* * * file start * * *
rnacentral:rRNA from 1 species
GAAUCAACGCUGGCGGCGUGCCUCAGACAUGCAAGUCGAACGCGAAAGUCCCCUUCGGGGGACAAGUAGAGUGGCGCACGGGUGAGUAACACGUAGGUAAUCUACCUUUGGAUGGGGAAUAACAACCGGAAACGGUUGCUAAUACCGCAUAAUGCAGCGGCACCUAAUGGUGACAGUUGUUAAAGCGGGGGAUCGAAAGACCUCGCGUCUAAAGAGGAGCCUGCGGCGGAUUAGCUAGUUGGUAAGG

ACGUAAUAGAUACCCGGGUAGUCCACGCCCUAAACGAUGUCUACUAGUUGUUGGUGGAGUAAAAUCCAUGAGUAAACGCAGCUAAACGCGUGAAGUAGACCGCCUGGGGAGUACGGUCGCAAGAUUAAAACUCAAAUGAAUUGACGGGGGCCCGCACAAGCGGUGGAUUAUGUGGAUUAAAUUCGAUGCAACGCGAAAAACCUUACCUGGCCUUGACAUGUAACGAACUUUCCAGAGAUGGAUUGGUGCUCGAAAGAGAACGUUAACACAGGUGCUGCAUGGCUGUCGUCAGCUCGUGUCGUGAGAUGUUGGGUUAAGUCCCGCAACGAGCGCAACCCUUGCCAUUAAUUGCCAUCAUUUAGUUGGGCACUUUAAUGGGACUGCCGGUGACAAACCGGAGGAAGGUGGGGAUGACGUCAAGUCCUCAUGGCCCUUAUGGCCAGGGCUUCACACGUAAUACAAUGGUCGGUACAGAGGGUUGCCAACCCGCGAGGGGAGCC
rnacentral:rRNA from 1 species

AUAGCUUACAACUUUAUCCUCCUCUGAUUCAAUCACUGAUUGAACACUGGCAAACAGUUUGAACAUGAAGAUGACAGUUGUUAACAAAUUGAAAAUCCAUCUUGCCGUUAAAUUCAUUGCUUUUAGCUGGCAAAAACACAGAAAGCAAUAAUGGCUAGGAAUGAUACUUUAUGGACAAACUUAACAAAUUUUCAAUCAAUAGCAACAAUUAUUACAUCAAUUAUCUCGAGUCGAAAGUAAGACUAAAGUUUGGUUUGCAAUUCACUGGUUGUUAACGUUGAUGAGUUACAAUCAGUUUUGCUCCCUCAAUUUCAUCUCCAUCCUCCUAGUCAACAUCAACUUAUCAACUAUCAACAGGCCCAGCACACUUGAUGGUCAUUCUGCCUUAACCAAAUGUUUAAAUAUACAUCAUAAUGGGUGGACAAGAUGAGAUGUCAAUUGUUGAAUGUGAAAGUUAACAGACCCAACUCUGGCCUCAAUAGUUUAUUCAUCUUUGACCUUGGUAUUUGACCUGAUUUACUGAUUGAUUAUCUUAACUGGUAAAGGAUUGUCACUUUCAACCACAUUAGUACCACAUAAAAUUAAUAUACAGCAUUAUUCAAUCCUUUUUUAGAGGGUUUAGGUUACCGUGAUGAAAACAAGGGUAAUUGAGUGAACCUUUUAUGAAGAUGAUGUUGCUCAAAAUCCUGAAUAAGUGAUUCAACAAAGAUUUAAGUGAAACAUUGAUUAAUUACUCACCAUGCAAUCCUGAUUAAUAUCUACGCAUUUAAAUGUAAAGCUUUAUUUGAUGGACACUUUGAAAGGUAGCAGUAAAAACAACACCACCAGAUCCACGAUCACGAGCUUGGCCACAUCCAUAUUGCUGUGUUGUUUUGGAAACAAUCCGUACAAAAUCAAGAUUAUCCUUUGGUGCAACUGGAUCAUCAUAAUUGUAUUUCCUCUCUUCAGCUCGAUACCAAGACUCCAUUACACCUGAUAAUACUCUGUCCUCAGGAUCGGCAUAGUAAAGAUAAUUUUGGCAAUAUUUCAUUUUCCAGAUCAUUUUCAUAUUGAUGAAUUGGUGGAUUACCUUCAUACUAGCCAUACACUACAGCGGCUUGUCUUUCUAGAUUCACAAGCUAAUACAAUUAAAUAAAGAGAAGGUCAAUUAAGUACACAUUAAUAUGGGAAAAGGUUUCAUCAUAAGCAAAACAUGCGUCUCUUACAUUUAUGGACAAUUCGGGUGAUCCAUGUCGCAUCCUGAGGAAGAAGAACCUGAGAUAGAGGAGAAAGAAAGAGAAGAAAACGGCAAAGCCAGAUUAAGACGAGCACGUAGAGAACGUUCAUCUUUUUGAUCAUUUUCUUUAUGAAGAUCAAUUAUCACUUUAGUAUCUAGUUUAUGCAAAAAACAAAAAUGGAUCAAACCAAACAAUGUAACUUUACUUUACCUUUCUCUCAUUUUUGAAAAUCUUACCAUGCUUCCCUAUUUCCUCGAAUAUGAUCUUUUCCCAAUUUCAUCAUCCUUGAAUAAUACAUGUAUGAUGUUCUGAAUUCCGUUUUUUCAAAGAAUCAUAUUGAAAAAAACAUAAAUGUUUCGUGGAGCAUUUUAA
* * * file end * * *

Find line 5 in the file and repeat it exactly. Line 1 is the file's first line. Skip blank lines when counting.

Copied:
AUAGCUUACAACUUUAUCCUCCUCUGAUUCAAUCACUGAUUGAACACUGGCAAACAGUUUGAACAUGAAGAUGACAGUUGUUAACAAAUUGAAAAUCCAUCUUGCCGUUAAAUUCAUUGCUUUUAGCUGGCAAAAACACAGAAAGCAAUAAUGGCUAGGAAUGAUACUUUAUGGACAAACUUAACAAAUUUUCAAUCAAUAGCAACAAUUAUUACAUCAAUUAUCUCGAGUCGAAAGUAAGACUAAAGUUUGGUUUGCAAUUCACUGGUUGUUAACGUUGAUGAGUUACAAUCAGUUUUGCUCCCUCAAUUUCAUCUCCAUCCUCCUAGUCAACAUCAACUUAUCAACUAUCAACAGGCCCAGCACACUUGAUGGUCAUUCUGCCUUAACCAAAUGUUUAAAUAUACAUCAUAAUGGGUGGACAAGAUGAGAUGUCAAUUGUUGAAUGUGAAAGUUAACAGACCCAACUCUGGCCUCAAUAGUUUAUUCAUCUUUGACCUUGGUAUUUGACCUGAUUUACUGAUUGAUUAUCUUAACUGGUAAAGGAUUGUCACUUUCAACCACAUUAGUACCACAUAAAAUUAAUAUACAGCAUUAUUCAAUCCUUUUUUAGAGGGUUUAGGUUACCGUGAUGAAAACAAGGGUAAUUGAGUGAACCUUUUAUGAAGAUGAUGUUGCUCAAAAUCCUGAAUAAGUGAUUCAACAAAGAUUUAAGUGAAACAUUGAUUAAUUACUCACCAUGCAAUCCUGAUUAAUAUCUACGCAUUUAAAUGUAAAGCUUUAUUUGAUGGACACUUUGAAAGGUAGCAGUAAAAACAACACCACCAGAUCCACGAUCACGAGCUUGGCCACAUCCAUAUUGCUGUGUUGUUUUGGAAACAAUCCGUACAAAAUCAAGAUUAUCCUUUGGUGCAACUGGAUCAUCAUAAUUGUAUUUCCUCUCUUCAGCUCGAUACCAAGACUCCAUUACACCUGAUAAUACUCUGUCCUCAGGAUCGGCAUAGUAAAGAUAAUUUUGGCAAUAUUUCAUUUUCCAGAUCAUUUUCAUAUUGAUGAAUUGGUGGAUUACCUUCAUACUAGCCAUACACUACAGCGGCUUGUCUUUCUAGAUUCACAAGCUAAUACAAUUAAAUAAAGAGAAGGUCAAUUAAGUACACAUUAAUAUGGGAAAAGGUUUCAUCAUAAGCAAAACAUGCGUCUCUUACAUUUAUGGACAAUUCGGGUGAUCCAUGUCGCAUCCUGAGGAAGAAGAACCUGAGAUAGAGGAGAAAGAAAGAGAAGAAAACGGCAAAGCCAGAUUAAGACGAGCACGUAGAGAACGUUCAUCUUUUUGAUCAUUUUCUUUAUGAAGAUCAAUUAUCACUUUAGUAUCUAGUUUAUGCAAAAAACAAAAAUGGAUCAAACCAAACAAUGUAACUUUACUUUACCUUUCUCUCAUUUUUGAAAAUCUUACCAUGCUUCCCUAUUUCCUCGAAUAUGAUCUUUUCCCAAUUUCAUCAUCCUUGAAUAAUACAUGUAUGAUGUUCUGAAUUCCGUUUUUUCAAAGAAUCAUAUUGAAAAAAACAUAAAUGUUUCGUGGAGCAUUUUAA